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  1. Migrants try to storm border of Spanish enclave in Morocco

    Richard Hamilton

    BBC World Service News

    More than 400 sub-Saharan African migrants have tried to storm the border of the Spanish enclave of Melilla in Morocco.

    It's the first such attempted mass crossing into the territory since Madrid and Rabat resumed diplomatic ties in March.

    The authorities in Melilla said a significant number of migrants managed to get in.

    The diplomatic crisis came to an end after Spain supported Morocco's autonomy plan for the disputed region of Western Sahara.

    Melilla and Ceuta have the European Union's only land borders with Africa, making them a magnet for migrants.

  2. Video content

    Video caption: A giant puppet of a Syrian child is raising awareness about the plight of child refugees.
  3. Threats made to Tunisia president's life - government

    BBC World Service

    Image caption: President Kais Saied in effect currently rules Tunisia by decree

    The interior ministry in Tunisia has said it has confirmed information that there are serious threats to the life and safety of President Kais Saied.

    A ministry spokesperson also said that police forces had foiled what was it described as a terrorist attack on Thursday.

    The announcement comes as Mr Saied continues to rule effectively by decree - with a referendum scheduled next month on a new constitution that his opponents say will further strengthen his powers.

  4. Tunisian police arrest ex-PM Hamadi Jebali

    BBC World Service

    Image caption: Hamadi Jebali was prime minister from 2011 to 2013

    Police in Tunisia have arrested a former prime minister, Hamadi Jebali.

    During his premiership from 2011 to 2013, Mr Jebali belonged to the Ennahda Islamist party - the largest in parliament until President Kais Saied dissolved the assembly and seized executive power in Tunisia last year.

    Mr Jebali’s lawyer said the former politician had been under recent investigation at his boiler factory in the city of Soussa, but could not say why he had been detained.

    His family have denounced his arrest as "repressive", and say they hold President Saied personally responsible for his well-being.

  5. Tunisian trade union chief rejects IMF proposals

    BBC World Service


    Image caption: The UGTT, led by Noureddine Taboubi, called a one-day national strike last week

    A powerful trade union in Tunisia has rejected conditions set by the International Monetary Fund (IMF) for a loan to help tackle the country's economic crisis.

    The head of the UGTT - Noureddine Taboubi - said the union supported reforms, but not what he called the painful options demanded by the IMF.

    On Wednesday night, an IMF official said the organisation was ready to start formal talks on a financial bailout.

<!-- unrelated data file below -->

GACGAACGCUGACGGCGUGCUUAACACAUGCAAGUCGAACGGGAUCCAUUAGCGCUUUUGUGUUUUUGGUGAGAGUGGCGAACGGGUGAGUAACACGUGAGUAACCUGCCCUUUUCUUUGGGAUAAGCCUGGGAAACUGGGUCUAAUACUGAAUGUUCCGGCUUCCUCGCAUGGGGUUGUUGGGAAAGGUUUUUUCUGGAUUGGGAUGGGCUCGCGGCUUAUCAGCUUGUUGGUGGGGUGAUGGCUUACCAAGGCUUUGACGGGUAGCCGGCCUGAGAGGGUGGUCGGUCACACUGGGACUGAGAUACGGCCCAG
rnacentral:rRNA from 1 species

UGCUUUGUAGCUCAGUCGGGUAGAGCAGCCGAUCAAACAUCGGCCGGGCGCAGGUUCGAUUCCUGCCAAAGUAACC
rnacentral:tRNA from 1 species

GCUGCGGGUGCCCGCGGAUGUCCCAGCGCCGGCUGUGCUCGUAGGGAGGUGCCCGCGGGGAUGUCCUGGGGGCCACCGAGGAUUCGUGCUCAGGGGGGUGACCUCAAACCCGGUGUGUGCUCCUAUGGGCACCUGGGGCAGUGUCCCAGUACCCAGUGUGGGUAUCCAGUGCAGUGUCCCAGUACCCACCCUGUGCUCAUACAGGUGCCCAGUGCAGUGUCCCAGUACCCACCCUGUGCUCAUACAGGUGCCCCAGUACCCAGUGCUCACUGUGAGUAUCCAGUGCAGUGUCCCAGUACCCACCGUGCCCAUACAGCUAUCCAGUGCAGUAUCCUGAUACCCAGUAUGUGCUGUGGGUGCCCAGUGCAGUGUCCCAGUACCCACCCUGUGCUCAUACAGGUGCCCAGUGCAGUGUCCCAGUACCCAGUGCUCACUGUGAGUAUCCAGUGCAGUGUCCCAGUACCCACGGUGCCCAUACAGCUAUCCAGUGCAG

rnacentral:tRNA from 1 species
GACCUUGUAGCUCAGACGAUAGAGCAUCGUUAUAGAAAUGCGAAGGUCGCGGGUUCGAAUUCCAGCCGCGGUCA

Last week, the UGTT called a one-day national strike of public sector workers that brought much of the country to a standstill.

  6. IMF backs Tunisia's $4bn loan bid amid protests

    David Bamford

    BBC World Service News

    Image caption: There have been big protests against the Tunisian president

    The International Monetary Fund (IMF) has expressed support for a wide-ranging but controversial economic reform programme being implemented by the government in Tunisia.

    The country is facing a severe economic crisis and is asking for a $4bn (£3.2bn) loan.

    Jihad Azour, the IMF's Middle East director - after meeting President Kais Saied in Tunis on Wednesday - said he liked the reform plan and that the IMF was ready to discuss a loan.

    The plan includes freezing wages, stopping recruitment in the public sector and cutting energy and food subsidies.

    But there have been big protests and Tunisia's powerful trade union movement has called nationwide strikes.

    The president has already suspended parliament and sacked his entire cabinet.

    He says he needs even more powers to better steer the country - his opponents say that amounts to a coup against democracy.

  7. Video content

    Video caption: World Cup 2022: Wales fans head to Tenerife to enjoy tournament

    Wales fan Bethany Evans pitched the idea on Twitter and soon had "a plane full" of interest.

  8. UK to help free activist on hunger strike in Egypt

    Image caption: Alaa Abdel Fattah was given British citizenship through his British-born mother

    Britain’s Foreign Secretary Liz Truss says she is seeking a meeting with her Egyptian counterpart to secure the release of a jailed activist who has been on a partial hunger strike since April.

    Alaa Abdel Fattah was given British citizenship through his British-born mother.

    He was a key figure in the 2011 uprising that ousted Egypt’s autocratic president Hosni Mubarak.

    Mr Fattah was given a five-year jail sentence last December after being accused of spreading false news.

    His family has welcomed Ms Truss’s pledge, saying time to help him is running out.

    Read more here.

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